Author Archives: Elizabeth Pyatt

The Correct Pronoun for RuPaul?

It’s no secret that modern citizens can be confused about which pronoun to use for a transgender individual (here I mean both individuals who have received treatments to change their biological gender or individuals who may present themselves as the gender opposite of their biological sex). And even though I’m a linguist, I can don’t always have the answer in a situation like this.

So before I dive further, apologies if I get something wrong. Although I have had some interactions with transgender individuals, my experience is still mostly as a cisgender woman.

Personal Preference Counts

First, it is important to note that some linguistic usage guidelines should be based on preferences of groups and individuals and not on any sort of grammatical or semantic “logic.” For instance, speakers of the Celtic language spoken in Ireland generally prefer the term Irish over the older term Gaelic…despite the fact that the name for Irish in Irish is Gaeilge. One reason for this preference is likely to distinguish it from the Gaelic language of Scotland (a.k.a. “Scottish Gaelic”). Both Irish and Scottish Gaelic are close sister languages by the way.

As an English speaker, you may feel that Gaelic is a perfectly acceptable and “logical” alternative, but once I was corrected, I have always used the term Irish. Speaker preference here overrides other considerations.

Note: I once informed a student that the term Irish was preferred and he told me that his Irish-American grandmother always used the term “Gaelic.” In this case, I advised him not to correct his grandmother, but not to use the word Gaelic around Irish speakers.

Some Transgender Pronoun Guidelines

In terms of referring to a transgender individual you may not know personally, a good choice is likely to use the gender the person is presenting as. If you are not sure, advises you to listen or ask politely.

Note: also notes that you may not always be aware that a person is in fact transgender because you feel you can identify the presented gender. In that case, using the pronoun matching the visible gender was probably a safe choice.

Having said that, a person may still advise an alternate to your guess, including possibly a gender-neutral one. You should use that choice whenever possible and apologize for past errors.


One of the most famous transgender individuals in RuPaul who appears in public sometimes dressed in men’s clothing and sometimes in women’s clothing (and always looking fabulous). So if I’m reviewing an album like American (2017), which is the best pronoun to use?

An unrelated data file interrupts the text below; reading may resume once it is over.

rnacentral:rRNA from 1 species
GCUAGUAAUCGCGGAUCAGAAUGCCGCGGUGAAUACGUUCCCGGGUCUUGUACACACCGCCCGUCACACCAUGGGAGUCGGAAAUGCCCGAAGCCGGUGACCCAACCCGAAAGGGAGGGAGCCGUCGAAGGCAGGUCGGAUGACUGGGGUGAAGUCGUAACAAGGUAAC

As it turns out RuPaul has given us an answer (from Wikipedia) – “You can call me he. You can call me she. You can call me Regis and Kathie Lee; I don’t care! Just as long as you call me.”

And in one interview RuPaul clarifies that there is a distinction between “drag” and a transgender identity. I would also note that RuPaul may what Navaho and other communities refer to as “two spirit” – a reference to individuals who may choose to sometimes present themselves in a gender opposite of their biological gender.

What about “Queer”?

Oddly, the one term I would have problems with is queer. I grew up with this term being a pejorative term for both homosexual and transgender individuals. But both communities (as well as the bisexual community) have reclaimed this term and use it in a positive manner, to the point of using the term “Queer Studies” in an academic sense. In fact, one student who noted she sometimes presented herself as masculine sincerely felt that queer was the right term to describe her situation.

Yet, as a cisgender (and white) individual, I feel uncomfortable using “queer” as I would using terms like “wop” or “spic” or the N-word even though I have heard Italian-Americans and Latinos use those terms. I am not sure it is yet acceptable to use these terms if one isn’t a member of that community.

How to Pronounce “Gal Gadot”

With the Wonder Woman movie about to come out, it’s important to review this timely pronunciation article from Vox and about how to pronounce the name of star Gal Gadot ( גל גדות‎‎). As they point out, Gadot is NOT the same as the French family name of the play Waiting for Gadot but rather an Israeli name.

So bring out that final /t/ and say something like “Gal Ga-duht” /gæl gadɔt/ (stress on the final syllable). The first of Gal is fairly close to English Short A, but the is between English “uh” and “oh”.